The Dictionary of Health Education—a comprehensive guide to the professional and technical words, terms, and phrases used in the health education profession—defines health as a “sense of physical, mental, and social well-being.” It defines wellness as “an abstract concept that relates to the development of health-related behaviors involving exercise, nutrition, meditation, stress control, etc.” This reference book does not include a definition for well-being. It does define, however, a well-being center as “a basic unit of the health care delivery system organized to provide people with learning opportunities with respect to their health.” Importantly—and somewhat humorously—this dictionary’s 11th listed definition of health is, “an elusive term which usually encompasses the option of individual and collective well-being with physical, social, and psychological dimensions.” An elusive term it is indeed, as the core construct of health has evolved nearly every century. What health means not only differs across time, it also differs across cultures and across people. What you won’t get out of a definition, however, is what health should look like in the school setting.
In the early days of health in schools, the classroom curriculum was limited to education around hygiene and maintenance of the physical aspects of the human body, or even limited to the experience of a child returning home from school “happy.” The contemporary ideation of health in the school setting acknowledges the psychosocial needs of students, in addition to their physical needs, both of which speak to the larger picture of wellness. Psychosocial needs as defined in Making Healthy Places: Designing and Building for Health, Well-being, and Sustainability, include having:
  • an emotional support network; 
  • the experience of conviviality;
  • opportunities for cooperation;
  • a natural level of sensory stimulation;
  • an interesting environment;
  • an aesthetically pleasing environment;
  • opportunities for creative behavior;
  • opportunities for learning;
  • opportunities for recreation;
  • opportunities for spontaneity;
  • variety in daily experience;
  • a sense of belonging, purpose, and love; and
  • absence of alienation and deprivation.
This list serves as a contemporary, research-based conceptualization of what we, as humans, may require in order to live and lead fulfilling lives. By reflecting on this list alone, schools can start a process toward development (or re-development) of their programs, culture, and curricula more specifically designed to meet the needs of students at any grade level.
What’s most critical for schools, however, is how they collectively conceptualize and adopt a definition of health and wellness, how they understand and articulate what that definition means to their community, and how they use it to inform their approaches to very real problems—student suicide, depression, anxiety, self-harm, peer-to-peer sexual assault, self-medication/drug and alcohol abuse—directly. Developing a strategy for embedding this definition into the school’s strategic plan or initiatives is a critical step toward success. It’s also key to acknowledge that student wellness may mean something different to each individual, even though the institutional definition may differ, as this helps promote the school’s goal of being reflective and inclusive of how people define health for themselves.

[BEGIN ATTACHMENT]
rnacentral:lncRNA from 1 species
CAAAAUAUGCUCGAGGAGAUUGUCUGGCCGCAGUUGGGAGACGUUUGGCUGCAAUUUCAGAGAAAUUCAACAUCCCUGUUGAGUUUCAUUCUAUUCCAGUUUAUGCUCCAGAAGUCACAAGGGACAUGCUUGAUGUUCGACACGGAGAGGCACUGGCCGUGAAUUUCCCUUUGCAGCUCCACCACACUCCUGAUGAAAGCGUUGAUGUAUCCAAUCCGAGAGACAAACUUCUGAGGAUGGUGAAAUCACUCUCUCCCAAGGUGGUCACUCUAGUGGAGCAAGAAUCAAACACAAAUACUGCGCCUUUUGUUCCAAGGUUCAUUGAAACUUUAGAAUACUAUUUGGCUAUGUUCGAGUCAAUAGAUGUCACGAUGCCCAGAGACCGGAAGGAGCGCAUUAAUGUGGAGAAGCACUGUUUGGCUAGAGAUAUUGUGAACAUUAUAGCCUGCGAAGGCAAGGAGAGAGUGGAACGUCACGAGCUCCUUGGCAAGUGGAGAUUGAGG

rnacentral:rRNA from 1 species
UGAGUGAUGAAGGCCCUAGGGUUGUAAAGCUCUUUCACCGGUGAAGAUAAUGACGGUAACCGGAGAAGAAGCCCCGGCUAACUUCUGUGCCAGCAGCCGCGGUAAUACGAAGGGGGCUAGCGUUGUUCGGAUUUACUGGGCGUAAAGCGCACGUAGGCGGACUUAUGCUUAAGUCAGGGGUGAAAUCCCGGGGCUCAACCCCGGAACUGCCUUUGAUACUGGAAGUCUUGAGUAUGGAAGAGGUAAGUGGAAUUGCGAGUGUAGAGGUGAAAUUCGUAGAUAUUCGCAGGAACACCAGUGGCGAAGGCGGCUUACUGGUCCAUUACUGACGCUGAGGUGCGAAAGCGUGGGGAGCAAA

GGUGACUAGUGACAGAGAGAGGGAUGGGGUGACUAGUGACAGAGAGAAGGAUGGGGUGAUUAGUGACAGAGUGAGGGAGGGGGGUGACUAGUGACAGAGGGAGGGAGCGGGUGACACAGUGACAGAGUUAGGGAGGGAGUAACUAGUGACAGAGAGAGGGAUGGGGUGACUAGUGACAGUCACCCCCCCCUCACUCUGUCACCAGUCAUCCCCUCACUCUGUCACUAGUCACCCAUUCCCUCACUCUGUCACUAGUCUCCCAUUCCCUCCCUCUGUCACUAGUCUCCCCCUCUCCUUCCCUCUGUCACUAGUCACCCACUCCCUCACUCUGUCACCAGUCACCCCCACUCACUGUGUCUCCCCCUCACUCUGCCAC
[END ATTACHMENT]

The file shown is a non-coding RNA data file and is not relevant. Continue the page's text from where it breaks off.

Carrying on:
While the terms may be somewhat interchangeable, what matters most at the end of the day is that schools develop an identity around what wellness and health mean and that the school community remains open to revisiting and revising that definition as new evidence—internally and externally—arises. A focus on the outcomes and what schools want for their students in deeper reflection of the realities of the world and of what students report may be the first step in creating and infusing a well-being mindset throughout the fabric of a school.

Partnering with Other Priorities

There are many important priorities that school leaders are always trying to balance: diversity, equity, and inclusivity; sustainability; technology; enrollment; culturally responsive teaching; college preparation; STEAM/STEM curricula; fundraising; value proposition; teaching and learning strategies; and strategic planning. And all of these would seem to compete with advancing a school’s health and wellness mission—but they don’t have to. Finding the synergies within and across departments is one of the keys to innovative and interdisciplinary health and wellness programming. And, this is something independent schools already do well. Ravenscroft School (NC), for example, has adopted this approach in its partnership with the Center for Creative Leadership, which marries traditional academics with the nonacademic skills students will need. The school provided new training to staff, students, and parents, emphasizing the importance of social-emotional learning, leadership, and other personal skills, interweaving the subjects with the school’s existing curriculum. It now prioritizes these nonacademic skills on a level with traditional classroom learning.
A more day-to-day approach can be found in simple classroom lessons. For example, a key component of health is helping students to understand and think critically about the world in which they are growing. Examining an intersection of health, technology, power, communication, and gender could include deconstructing and understanding the names and voices of household virtual assistants. “Cortana” (Microsoft), “Alexa” (Amazon), and “Siri” (Apple) are all female names with seemingly feminine voices. Students can discuss, write, and think critically about how gender influences interaction with these assistants, exploring what it may imply subtly (or obviously) when one is consistently making requests to a feminine voice, and thinking about how interaction with virtual assistants influences our communication with the world around us. This kind of critical thinking and reflection are already embedded within most independent school cultures; framing it from a health and wellness angle gives students the opportunity to reflect upon their own experiences, assumptions about the world, data, and lessons from other classes to understand and discuss complex sociocultural issues or public health problems.